46 professional positions beginning with metallurgy and proceeding through operations research to his present work. WILLIAM G. GORDON received a B.S. in zoology from Mount Union College and a M.S. degree in fisheries from the University of Michigan, where he continued with postgraduate studies. He is vice-president for programs, New Jersey Marine Sciences Consortium, where he handles Sea Grant relationships with the national office and member institutions, and provides all liaison [unctions for fisheries with federal, state, local, and industry representatives. Mr. Gordon retired from the National Oceanic and Atmospheric Administration (NOAA) in February 1987 as special as- sistant to the administrator, responsible for coordinating fishery activities and coordinating with other federal agencies and foreign governments. His prior position was as NOAA:s assistant administrator for fisheries, managing and implementing fisheries programs to enhance industry production and marketing, and developing positions on international fisheries issues. Prior to these positions he held a succession of posts of increasing responsibil- ity, directed at strengthening scientific research capabilities, encouraging international programs, and directing fishery management programs. ROBERT E. HARING received B.S. and M.S. degrees in chemical engineer- ing from Carnegie-Mellon University and a M.S. degree in mathematics from the University of Tulsa. He supervises Exxon Production Research Company's foundations and environmental analysis research, which pro- vides technology for E=on's worldwide offshore facility design and oper- ations. Mr. Haring began his career with Exxon in 1956 as a chemical engineer. Since transferring to Exxon Production Research Company in 1965, he has worked in various areas of offshore research and engineering and has gained industry-wide recognition for his work in single-point moor- ings operations, simulation, physical oceanography, and wave forces. From 1976 to 1979, he was project manager for Exxon's Ocean Test Structure program. Throughout this work he has gained a keen appreciation for the benefits of accurate and timely marine observations and predictions. Mr. Haring is a member of the Society of Petroleum Engineers, and the Marine Technology Society. JON F. KLEIN graduated from the U.S. Merchant Marine Academy at Kings Point with a B.S. degree and a Coast Guard license as deck officer. He received a M.S. in education and psychology from C.W Post College. In February 1989 he accepted the position of director of international sales for COMSAT, Inc. Prior to that he was vice president, marine operations, and was responsible for the administration, management, maintenance, and repair of the Sea-I~nd owned and chartered fleet. This is one of the largest, most innovative and successful merchant fleets in the United

47 States. Sea-Land has employed weather routing services for many years to keep critical voyage schedules, save fuel, and avoid weather damage to its high-speed ships and cargoes. Recently it trained its own ship masters to analyze weather facsimile data received on board during voyages for more timely analysis and weather route planning. Mr. Klein joined Sea-Land Senice in 1968 and sailed as deck officer on several vessels in the Atlantic and Pacific trades. He returned to the Merchant Marme Academy in 1972 to serve for 3 years on the staff of the Commandant of Midshipmen. He returned to Sea-Land and advanced through a number of managerial posts, in both the United States and in Europe, where he also lectured as guest professor at the World Maritime University in Malmo, Sweden. ALLAN R. ROBINSON received his B.N, M.N, and Ph.D. degrees in physics from Harvard University. He is Gordon McKay Professor of Geo- physical Fluid Dynamics, Department of Earth and Planetary Sciences of the Division of Applied Sciences, Harvard University, where his research is in oceanography, the dynamics of oceanic motions, and geophysical fluid dynamics. Professor Robinson was National Science Foundation fellow in meteorology and oceanography at Cambridge University, and has been co-chairman of the Mid-Ocean Dynamics Expenment of the International Science Council. He returned to Cambridge University as Guggenheim Fellow from 1972 to 1973, has been co-editor-in-chief of Dynamics of At- mospheres and Oceans and is a fellow of the American Academy of Arts and Sciences. Dr. Robinson has numerous publications and memberships and has held many leadership positions within university, government, and NRC committees and boards concerned with oceanography, atmospheric science, space systems, and advanced scientific computing. He is widely known for his ideas in ocean forecasting and the combined use of dynamic model and composite data sets. Lately he has also become well known for his expertise in interpretation of satellite remote sensing of the oceans. KENNETH W. RUGGLES received a B.S. degree from the U.S. Naval Academy, a M.S. degree in meteorology from the U.S. Naval Postgraduate School, and a Ph.D. degree from MIT. He is president of Systems West, Inc. Dr. Ruggles has served on various national policy advisory boards and committees. From 1978 to 1986, Dr. Ruggles was vice-pres~dent, then presi- dent of Global Weather Dynamics, Inc., where he directed implementation of innovative technologies and provided general management of private weather services and message switching communications activities. He has served as consultant in a variety of meteorological and oceanographic ser- vice areas, including to the International Civil Aviation Organization and as a member of the National Blue Ribbon Panel on Information Policy Implications of Archiving Satellite Data.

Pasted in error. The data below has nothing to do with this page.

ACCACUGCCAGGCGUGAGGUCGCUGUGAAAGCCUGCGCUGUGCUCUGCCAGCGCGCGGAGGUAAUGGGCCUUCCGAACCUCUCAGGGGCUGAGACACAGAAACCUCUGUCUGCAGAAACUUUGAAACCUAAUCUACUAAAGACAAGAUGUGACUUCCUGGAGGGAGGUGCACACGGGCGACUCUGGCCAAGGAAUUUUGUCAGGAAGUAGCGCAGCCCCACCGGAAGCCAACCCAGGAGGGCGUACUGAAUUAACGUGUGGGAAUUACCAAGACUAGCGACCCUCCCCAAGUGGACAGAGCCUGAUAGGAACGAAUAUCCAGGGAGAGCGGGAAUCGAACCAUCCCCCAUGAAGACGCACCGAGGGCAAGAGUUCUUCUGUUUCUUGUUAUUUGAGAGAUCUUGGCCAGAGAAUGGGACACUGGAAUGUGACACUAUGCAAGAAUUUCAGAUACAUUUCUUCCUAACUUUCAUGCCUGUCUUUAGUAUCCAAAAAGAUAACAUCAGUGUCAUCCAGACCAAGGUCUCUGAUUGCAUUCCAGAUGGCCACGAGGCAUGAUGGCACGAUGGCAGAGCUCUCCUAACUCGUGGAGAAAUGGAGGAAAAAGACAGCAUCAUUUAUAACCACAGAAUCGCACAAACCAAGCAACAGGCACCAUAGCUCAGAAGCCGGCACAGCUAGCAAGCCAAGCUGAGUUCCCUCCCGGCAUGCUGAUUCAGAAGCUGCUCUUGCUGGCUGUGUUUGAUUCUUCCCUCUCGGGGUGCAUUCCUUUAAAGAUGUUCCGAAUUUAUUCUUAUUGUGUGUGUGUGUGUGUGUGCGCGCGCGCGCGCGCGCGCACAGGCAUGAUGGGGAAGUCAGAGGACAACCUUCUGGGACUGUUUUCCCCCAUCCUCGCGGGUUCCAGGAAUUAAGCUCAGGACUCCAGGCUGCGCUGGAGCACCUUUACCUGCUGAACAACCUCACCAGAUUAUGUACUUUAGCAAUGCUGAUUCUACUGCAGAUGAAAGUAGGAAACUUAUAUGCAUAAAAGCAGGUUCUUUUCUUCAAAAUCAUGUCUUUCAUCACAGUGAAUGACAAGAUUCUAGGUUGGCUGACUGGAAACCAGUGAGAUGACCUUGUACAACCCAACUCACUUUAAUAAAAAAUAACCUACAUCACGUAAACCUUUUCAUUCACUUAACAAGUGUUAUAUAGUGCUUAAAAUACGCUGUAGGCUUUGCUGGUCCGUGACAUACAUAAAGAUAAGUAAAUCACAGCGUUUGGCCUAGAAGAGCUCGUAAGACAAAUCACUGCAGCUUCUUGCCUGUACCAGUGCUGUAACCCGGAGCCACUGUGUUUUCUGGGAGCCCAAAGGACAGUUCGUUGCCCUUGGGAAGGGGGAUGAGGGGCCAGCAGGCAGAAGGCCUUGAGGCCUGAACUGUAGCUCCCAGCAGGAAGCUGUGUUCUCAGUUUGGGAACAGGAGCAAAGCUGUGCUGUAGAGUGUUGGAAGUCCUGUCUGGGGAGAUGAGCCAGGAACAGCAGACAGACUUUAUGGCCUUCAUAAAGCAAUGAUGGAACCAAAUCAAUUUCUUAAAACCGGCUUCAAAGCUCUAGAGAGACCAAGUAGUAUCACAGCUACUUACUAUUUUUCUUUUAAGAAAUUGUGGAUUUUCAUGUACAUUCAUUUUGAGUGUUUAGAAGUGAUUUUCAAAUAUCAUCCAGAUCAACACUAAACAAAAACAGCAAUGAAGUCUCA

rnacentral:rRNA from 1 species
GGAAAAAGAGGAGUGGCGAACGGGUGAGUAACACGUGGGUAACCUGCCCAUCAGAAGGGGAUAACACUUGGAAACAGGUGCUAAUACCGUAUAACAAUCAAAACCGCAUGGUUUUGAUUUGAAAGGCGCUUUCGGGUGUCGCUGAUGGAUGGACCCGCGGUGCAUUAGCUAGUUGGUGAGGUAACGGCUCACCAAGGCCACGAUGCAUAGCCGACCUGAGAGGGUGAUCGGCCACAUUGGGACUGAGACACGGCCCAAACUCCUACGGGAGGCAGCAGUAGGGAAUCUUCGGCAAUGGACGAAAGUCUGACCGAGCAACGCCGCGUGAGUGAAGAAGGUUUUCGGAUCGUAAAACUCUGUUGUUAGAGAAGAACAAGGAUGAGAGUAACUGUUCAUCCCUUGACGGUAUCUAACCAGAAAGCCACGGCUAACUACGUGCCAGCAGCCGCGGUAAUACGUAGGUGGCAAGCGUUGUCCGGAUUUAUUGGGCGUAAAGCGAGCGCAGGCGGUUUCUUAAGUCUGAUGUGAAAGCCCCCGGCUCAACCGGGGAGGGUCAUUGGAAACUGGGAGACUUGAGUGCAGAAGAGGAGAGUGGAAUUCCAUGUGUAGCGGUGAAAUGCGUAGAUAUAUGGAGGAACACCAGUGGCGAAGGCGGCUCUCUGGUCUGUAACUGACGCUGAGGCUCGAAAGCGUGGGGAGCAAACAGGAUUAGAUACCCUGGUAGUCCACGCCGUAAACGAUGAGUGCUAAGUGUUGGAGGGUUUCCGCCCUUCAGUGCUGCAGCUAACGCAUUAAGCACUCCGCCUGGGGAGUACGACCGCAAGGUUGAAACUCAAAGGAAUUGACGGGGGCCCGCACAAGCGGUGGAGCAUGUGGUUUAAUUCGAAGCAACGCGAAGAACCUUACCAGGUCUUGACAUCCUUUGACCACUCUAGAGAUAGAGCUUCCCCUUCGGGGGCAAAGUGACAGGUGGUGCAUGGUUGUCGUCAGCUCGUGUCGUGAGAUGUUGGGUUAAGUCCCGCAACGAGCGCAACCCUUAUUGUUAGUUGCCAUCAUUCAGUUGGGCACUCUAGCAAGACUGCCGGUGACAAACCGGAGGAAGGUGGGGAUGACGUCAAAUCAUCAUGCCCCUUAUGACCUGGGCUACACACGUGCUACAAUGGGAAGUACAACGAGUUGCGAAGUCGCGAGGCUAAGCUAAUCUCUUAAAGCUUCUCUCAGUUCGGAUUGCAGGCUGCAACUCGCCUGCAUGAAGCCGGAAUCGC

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Commerce and the general public--especially those living in increasingly crowded, highly developed low-lying coastal communities--rely heavily on accurate forecasts of marine conditions and weather over the oceans to ensure the safe and productive use of the sea and coastal zone. This book examines the opportunities to improve our ocean forecasting systems made possible by new observational techniques and high-speed computers. Significant benefits from these potential improvements are possible for transportation, ocean energy and resources development, fisheries and recreation, and coastal management.